The final push for victory came not from any one individual effort, but from the combined determination of a team that plays well together. Nick Bye and Tim Clarke had sparkling final terms, but the on-ball work of Adam Chatfield, Andy Ryan, Luke Howard, Josh Agius and James Scanlan was consistent all day. Damian Lynch (four goals) and Andy Bowen (held Doherty to zip) were great bookends.

The post-match in the Xavs' rooms was a raucous but shortlived affair. There are harder days ahead for tired limbs and the week off to observe remaining rivals is welcome.

Many veteran observers of the X Men were tonight still coming to terms with the dramatic events they had witnessed on the Plain, and couldn't classify this win in the pantheon of Xaverian achievements. Some were capable only of responding with a wry grin. Others wondered how the Scotsmen might be feeling. I think they knew.

OLD XAVERIANS     3.2     7.5     9.5     16.7-103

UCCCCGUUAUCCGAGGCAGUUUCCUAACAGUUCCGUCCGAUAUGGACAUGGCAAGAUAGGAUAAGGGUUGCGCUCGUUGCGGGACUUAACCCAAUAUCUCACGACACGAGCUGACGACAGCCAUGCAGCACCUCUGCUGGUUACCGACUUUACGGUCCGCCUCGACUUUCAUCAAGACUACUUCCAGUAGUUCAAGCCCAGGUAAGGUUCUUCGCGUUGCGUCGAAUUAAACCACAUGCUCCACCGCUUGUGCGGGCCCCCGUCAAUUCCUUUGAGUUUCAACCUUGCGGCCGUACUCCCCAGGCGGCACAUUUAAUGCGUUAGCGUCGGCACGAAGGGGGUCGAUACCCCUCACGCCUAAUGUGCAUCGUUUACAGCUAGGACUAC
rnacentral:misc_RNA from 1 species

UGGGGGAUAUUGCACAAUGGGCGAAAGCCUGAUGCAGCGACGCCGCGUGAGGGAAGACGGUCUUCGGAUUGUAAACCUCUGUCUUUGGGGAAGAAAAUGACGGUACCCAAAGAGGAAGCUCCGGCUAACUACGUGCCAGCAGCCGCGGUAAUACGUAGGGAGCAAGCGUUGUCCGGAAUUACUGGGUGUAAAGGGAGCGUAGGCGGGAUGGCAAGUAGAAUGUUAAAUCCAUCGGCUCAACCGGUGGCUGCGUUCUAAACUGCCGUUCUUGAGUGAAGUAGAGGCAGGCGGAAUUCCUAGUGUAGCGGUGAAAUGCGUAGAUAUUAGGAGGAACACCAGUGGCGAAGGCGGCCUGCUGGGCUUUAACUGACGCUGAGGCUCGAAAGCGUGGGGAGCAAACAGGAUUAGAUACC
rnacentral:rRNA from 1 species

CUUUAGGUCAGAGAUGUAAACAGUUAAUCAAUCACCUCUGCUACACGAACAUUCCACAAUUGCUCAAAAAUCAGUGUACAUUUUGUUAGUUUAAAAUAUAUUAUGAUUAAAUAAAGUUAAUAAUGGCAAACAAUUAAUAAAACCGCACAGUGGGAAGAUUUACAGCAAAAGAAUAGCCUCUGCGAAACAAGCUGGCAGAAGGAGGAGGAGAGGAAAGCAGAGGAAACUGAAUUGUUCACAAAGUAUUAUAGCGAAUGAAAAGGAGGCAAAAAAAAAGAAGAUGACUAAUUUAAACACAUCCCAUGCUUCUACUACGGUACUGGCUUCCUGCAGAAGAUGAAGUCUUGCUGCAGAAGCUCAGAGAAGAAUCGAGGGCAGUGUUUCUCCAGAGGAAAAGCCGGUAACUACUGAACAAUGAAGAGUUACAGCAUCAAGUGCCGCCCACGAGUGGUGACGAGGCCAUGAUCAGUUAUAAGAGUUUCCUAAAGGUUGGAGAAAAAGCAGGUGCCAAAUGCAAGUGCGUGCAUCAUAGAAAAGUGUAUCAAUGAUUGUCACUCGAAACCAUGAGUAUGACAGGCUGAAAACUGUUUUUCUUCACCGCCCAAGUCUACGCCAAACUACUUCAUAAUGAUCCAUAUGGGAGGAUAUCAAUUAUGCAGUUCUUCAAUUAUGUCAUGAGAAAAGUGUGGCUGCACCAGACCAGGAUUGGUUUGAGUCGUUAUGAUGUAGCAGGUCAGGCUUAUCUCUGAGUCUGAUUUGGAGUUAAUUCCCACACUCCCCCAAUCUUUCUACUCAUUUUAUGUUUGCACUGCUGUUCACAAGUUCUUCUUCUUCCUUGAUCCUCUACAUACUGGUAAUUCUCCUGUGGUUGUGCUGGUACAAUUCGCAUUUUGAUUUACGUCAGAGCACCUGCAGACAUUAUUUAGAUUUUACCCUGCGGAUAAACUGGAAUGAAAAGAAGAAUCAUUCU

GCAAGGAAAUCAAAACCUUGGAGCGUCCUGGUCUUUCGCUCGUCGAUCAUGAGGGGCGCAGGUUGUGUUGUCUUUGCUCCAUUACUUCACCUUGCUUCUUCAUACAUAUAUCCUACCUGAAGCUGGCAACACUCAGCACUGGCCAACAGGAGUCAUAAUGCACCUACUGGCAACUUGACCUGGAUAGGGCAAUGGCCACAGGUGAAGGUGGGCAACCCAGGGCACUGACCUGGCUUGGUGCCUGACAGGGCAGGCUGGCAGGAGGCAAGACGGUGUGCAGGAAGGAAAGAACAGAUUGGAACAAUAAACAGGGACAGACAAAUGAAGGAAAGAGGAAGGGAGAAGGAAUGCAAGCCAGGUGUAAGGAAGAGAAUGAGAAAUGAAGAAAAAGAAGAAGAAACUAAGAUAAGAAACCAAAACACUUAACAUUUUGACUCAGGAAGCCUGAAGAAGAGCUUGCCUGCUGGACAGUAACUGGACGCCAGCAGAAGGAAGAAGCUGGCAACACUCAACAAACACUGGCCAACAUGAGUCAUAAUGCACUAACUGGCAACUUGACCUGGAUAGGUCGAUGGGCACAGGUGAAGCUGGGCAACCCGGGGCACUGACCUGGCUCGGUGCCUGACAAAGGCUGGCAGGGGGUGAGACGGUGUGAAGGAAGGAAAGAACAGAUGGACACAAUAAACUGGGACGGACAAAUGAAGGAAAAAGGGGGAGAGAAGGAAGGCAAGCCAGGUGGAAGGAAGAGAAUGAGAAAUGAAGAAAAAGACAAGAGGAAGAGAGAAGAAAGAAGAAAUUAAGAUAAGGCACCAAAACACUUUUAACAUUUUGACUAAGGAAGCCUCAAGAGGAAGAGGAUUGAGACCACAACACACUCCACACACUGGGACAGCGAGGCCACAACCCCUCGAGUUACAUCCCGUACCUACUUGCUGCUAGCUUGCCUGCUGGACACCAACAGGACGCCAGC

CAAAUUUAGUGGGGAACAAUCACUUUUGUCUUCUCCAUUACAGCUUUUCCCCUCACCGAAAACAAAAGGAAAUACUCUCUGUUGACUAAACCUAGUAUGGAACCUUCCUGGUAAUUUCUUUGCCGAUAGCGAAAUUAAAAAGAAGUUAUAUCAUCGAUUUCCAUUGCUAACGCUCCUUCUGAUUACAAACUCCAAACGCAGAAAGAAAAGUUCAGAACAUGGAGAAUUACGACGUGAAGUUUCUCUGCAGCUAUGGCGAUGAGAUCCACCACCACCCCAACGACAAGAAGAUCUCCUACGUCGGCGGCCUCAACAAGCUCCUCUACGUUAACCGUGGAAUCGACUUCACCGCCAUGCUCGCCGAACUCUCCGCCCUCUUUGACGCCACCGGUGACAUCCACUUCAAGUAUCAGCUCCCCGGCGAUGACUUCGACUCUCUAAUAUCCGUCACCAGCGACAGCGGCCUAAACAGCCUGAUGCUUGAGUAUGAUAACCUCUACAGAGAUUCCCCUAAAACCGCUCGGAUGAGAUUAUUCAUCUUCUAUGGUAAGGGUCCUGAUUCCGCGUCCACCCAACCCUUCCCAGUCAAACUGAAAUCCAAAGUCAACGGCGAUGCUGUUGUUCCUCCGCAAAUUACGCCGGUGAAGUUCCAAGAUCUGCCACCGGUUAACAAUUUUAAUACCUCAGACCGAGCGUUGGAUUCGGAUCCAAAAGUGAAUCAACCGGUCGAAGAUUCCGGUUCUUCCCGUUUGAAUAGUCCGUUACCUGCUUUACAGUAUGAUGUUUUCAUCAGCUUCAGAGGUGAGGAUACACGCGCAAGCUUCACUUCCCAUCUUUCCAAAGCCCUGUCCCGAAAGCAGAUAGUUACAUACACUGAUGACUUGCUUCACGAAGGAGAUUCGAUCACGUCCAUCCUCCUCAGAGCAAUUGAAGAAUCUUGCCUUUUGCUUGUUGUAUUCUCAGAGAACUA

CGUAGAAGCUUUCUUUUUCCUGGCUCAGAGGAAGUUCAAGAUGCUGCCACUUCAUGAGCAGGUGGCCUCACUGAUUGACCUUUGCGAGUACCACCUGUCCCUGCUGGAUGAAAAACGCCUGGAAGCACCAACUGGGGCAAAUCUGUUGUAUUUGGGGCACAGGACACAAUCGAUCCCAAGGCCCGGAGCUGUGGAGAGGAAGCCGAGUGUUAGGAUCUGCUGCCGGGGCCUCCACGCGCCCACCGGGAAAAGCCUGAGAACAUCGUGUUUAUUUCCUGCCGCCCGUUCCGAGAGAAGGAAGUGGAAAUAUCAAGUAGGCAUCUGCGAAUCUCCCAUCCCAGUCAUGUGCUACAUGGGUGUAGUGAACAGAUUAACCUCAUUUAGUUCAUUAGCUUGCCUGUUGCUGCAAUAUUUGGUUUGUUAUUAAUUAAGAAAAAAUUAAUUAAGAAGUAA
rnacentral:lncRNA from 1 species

OLD SCOTCH          6.8     8.9   12.13     14.13-97

Goals: D. Lynch 4, J. Mercuri 4, D. Lloyd 3, T. Clarke, L. Howard, J. Scanlan, A. Ryan, J. Douglas
Best: A. Chatfield, D. Lynch, A. Ryan, J. Scanlan, L. Howard, T. Clarke

 

MR CHIPS ON THE MIRACLE

Now it is September and even Mrs Chips is wondering some about football. Such mild fever rarely grips her, but she told me last Saturday night that she might have to keep track of things until season’s end.

That end, at least for the mighty Xaverians, appeared very close early in the last quarter on Sunday. I sat there in my jalopy, thinking about all the joy these young men in red and black have given me since 1923, and I felt quite sad that it should end like this.